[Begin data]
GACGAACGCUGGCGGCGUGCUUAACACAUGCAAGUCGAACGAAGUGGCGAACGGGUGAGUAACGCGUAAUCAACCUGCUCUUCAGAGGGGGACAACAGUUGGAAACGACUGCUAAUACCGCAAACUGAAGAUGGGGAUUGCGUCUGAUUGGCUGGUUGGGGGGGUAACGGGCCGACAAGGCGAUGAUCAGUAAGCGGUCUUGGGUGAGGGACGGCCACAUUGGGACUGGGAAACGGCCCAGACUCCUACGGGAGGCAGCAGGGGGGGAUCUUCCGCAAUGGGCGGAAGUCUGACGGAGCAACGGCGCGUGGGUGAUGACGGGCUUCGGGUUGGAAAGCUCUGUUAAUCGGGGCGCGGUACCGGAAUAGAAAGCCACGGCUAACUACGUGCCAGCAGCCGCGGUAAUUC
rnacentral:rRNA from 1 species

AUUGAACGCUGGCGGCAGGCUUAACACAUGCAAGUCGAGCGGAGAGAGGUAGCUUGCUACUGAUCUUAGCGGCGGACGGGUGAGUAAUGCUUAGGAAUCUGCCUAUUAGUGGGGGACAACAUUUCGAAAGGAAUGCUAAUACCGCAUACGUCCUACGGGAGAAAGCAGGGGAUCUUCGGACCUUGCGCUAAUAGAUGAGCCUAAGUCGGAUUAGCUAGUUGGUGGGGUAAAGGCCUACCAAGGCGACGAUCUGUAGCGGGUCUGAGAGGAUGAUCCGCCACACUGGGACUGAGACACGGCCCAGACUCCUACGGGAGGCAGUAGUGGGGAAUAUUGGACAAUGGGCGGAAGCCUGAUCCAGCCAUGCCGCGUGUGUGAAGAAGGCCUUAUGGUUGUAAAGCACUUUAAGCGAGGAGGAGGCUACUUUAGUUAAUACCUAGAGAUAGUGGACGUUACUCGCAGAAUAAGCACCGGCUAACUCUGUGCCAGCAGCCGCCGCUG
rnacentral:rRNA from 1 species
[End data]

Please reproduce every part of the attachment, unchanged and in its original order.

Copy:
GACGAACGCUGGCGGCGUGCUUAACACAUGCAAGUCGAACGAAGUGGCGAACGGGUGAGUAACGCGUAAUCAACCUGCUCUUCAGAGGGGGACAACAGUUGGAAACGACUGCUAAUACCGCAAACUGAAGAUGGGGAUUGCGUCUGAUUGGCUGGUUGGGGGGGUAACGGGCCGACAAGGCGAUGAUCAGUAAGCGGUCUUGGGUGAGGGACGGCCACAUUGGGACUGGGAAACGGCCCAGACUCCUACGGGAGGCAGCAGGGGGGGAUCUUCCGCAAUGGGCGGAAGUCUGACGGAGCAACGGCGCGUGGGUGAUGACGGGCUUCGGGUUGGAAAGCUCUGUUAAUCGGGGCGCGGUACCGGAAUAGAAAGCCACGGCUAACUACGUGCCAGCAGCCGCGGUAAUUC
rnacentral:rRNA from 1 species

AUUGAACGCUGGCGGCAGGCUUAACACAUGCAAGUCGAGCGGAGAGAGGUAGCUUGCUACUGAUCUUAGCGGCGGACGGGUGAGUAAUGCUUAGGAAUCUGCCUAUUAGUGGGGGACAACAUUUCGAAAGGAAUGCUAAUACCGCAUACGUCCUACGGGAGAAAGCAGGGGAUCUUCGGACCUUGCGCUAAUAGAUGAGCCUAAGUCGGAUUAGCUAGUUGGUGGGGUAAAGGCCUACCAAGGCGACGAUCUGUAGCGGGUCUGAGAGGAUGAUCCGCCACACUGGGACUGAGACACGGCCCAGACUCCUACGGGAGGCAGUAGUGGGGAAUAUUGGACAAUGGGCGGAAGCCUGAUCCAGCCAUGCCGCGUGUGUGAAGAAGGCCUUAUGGUUGUAAAGCACUUUAAGCGAGGAGGAGGCUACUUUAGUUAAUACCUAGAGAUAGUGGACGUUACUCGCAGAAUAAGCACCGGCUAACUCUGUGCCAGCAGCCGCCGCUG
rnacentral:rRNA from 1 species